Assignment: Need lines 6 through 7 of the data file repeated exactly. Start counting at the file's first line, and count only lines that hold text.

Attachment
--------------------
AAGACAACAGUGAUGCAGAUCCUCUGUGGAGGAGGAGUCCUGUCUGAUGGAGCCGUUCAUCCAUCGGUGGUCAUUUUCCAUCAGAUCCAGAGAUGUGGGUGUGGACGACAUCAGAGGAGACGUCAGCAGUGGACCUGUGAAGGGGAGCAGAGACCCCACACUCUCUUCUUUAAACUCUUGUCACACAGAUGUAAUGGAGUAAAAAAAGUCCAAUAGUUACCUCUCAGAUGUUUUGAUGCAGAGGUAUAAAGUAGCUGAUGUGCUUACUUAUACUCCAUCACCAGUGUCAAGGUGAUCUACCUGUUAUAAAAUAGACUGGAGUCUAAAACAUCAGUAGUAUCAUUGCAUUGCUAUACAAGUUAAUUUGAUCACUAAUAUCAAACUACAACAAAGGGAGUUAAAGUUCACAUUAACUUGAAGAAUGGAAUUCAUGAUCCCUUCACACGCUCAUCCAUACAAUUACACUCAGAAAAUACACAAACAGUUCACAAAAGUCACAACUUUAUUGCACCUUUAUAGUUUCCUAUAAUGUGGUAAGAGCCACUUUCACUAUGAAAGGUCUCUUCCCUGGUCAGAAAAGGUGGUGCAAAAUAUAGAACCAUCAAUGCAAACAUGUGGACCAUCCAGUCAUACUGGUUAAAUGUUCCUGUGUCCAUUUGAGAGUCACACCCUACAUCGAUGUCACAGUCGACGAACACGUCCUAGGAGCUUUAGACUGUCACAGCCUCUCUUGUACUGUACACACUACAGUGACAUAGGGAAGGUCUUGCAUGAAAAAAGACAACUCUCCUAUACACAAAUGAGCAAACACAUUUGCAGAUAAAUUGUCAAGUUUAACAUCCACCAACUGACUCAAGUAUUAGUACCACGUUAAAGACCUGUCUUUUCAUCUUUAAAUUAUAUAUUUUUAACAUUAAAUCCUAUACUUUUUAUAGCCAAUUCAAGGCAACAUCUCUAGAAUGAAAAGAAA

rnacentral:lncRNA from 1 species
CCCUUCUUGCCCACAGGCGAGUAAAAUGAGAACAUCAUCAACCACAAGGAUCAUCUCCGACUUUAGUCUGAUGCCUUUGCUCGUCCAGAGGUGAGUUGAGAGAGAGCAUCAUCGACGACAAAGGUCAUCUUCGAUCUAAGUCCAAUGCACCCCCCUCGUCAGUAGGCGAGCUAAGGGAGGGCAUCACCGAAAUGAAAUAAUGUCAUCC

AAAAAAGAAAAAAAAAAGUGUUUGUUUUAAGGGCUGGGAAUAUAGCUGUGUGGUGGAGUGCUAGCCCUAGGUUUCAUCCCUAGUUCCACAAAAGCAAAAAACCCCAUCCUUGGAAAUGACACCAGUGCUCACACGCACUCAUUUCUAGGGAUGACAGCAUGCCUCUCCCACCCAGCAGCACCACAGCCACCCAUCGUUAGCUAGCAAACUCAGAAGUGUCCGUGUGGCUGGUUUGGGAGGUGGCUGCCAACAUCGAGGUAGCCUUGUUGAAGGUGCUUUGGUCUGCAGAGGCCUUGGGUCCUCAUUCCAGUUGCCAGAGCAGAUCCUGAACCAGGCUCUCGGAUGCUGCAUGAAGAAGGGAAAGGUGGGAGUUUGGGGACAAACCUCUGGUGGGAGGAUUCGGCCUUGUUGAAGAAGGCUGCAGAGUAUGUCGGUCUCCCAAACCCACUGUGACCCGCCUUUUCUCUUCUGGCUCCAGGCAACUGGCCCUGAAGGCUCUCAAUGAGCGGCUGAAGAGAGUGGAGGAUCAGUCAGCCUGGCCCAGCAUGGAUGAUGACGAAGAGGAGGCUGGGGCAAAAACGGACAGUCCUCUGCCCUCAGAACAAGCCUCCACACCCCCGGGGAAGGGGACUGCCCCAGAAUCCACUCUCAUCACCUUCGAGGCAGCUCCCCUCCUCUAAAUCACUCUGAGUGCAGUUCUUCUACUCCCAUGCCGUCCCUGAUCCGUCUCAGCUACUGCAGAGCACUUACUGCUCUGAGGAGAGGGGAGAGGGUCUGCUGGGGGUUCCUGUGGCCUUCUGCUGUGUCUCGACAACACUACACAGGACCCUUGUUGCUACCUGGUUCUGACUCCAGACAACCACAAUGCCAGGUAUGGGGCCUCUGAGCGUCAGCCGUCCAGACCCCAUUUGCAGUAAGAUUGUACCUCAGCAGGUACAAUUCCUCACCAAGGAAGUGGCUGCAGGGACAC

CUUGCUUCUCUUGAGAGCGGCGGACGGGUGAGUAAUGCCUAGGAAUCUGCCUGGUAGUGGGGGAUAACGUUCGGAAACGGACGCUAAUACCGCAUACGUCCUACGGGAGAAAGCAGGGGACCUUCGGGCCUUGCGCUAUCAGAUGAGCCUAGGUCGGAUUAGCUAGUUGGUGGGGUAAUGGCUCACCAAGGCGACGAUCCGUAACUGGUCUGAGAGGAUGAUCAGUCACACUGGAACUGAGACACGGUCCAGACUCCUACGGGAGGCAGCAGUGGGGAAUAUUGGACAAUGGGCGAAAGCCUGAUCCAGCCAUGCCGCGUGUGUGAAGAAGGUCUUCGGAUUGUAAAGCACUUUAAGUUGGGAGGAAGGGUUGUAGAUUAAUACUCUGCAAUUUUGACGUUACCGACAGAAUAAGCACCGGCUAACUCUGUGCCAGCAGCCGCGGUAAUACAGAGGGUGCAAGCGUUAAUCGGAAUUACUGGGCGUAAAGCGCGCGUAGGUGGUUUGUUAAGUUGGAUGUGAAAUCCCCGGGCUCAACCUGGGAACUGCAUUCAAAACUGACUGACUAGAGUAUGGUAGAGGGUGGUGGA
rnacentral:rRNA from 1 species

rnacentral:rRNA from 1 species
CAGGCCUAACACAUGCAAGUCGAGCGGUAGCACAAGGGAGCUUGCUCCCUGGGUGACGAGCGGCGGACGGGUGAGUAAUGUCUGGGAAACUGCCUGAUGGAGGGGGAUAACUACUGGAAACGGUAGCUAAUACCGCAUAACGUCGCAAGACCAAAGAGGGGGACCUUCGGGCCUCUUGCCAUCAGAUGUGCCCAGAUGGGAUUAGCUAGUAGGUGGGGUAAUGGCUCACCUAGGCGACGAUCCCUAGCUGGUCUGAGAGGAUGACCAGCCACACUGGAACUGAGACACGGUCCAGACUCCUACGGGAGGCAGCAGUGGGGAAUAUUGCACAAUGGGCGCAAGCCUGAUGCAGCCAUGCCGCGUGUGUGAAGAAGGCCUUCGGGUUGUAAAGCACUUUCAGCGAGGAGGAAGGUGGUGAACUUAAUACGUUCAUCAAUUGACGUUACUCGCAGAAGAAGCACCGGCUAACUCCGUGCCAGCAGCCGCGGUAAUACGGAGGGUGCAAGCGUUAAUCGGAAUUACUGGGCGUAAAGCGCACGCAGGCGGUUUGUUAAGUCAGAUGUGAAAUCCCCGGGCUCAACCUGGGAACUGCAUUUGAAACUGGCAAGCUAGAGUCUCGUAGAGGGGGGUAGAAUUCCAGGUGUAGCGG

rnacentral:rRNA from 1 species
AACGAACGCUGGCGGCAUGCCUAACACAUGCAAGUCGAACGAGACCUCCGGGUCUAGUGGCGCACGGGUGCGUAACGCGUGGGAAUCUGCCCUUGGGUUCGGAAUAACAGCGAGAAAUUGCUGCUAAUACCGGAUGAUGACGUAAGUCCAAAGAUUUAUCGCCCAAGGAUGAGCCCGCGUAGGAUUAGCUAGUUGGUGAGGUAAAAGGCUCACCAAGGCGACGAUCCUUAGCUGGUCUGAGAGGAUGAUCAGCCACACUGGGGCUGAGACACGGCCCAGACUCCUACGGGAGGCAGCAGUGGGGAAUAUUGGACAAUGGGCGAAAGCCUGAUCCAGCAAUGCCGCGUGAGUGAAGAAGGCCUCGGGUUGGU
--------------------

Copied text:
rnacentral:rRNA from 1 species

rnacentral:rRNA from 1 species